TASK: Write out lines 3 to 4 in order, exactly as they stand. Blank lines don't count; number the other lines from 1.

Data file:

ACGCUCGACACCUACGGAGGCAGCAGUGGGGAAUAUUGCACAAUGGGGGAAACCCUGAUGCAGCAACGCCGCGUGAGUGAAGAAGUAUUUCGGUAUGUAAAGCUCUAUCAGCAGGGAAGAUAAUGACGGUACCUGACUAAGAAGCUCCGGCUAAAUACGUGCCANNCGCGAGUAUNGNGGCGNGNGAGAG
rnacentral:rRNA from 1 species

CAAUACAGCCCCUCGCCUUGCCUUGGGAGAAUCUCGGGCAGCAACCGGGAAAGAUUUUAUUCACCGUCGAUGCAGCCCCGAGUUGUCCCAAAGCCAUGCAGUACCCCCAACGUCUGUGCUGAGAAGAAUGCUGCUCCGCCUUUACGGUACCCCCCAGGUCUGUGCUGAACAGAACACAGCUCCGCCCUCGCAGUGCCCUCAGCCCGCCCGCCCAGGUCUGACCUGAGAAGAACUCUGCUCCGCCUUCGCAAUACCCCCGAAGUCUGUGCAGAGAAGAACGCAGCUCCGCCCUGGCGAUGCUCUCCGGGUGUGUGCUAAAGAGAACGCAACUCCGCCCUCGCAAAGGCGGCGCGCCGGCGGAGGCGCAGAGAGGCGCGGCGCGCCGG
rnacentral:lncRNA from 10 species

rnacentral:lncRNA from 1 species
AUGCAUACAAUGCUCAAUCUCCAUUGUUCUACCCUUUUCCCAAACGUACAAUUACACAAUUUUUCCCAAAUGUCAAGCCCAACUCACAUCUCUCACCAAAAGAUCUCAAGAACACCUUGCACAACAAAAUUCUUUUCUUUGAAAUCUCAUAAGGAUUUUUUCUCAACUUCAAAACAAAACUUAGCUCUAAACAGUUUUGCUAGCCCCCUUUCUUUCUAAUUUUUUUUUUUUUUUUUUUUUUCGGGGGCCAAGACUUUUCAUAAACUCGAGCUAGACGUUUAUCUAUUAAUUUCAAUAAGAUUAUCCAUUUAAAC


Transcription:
CAAUACAGCCCCUCGCCUUGCCUUGGGAGAAUCUCGGGCAGCAACCGGGAAAGAUUUUAUUCACCGUCGAUGCAGCCCCGAGUUGUCCCAAAGCCAUGCAGUACCCCCAACGUCUGUGCUGAGAAGAAUGCUGCUCCGCCUUUACGGUACCCCCCAGGUCUGUGCUGAACAGAACACAGCUCCGCCCUCGCAGUGCCCUCAGCCCGCCCGCCCAGGUCUGACCUGAGAAGAACUCUGCUCCGCCUUCGCAAUACCCCCGAAGUCUGUGCAGAGAAGAACGCAGCUCCGCCCUGGCGAUGCUCUCCGGGUGUGUGCUAAAGAGAACGCAACUCCGCCCUCGCAAAGGCGGCGCGCCGGCGGAGGCGCAGAGAGGCGCGGCGCGCCGG
rnacentral:lncRNA from 10 species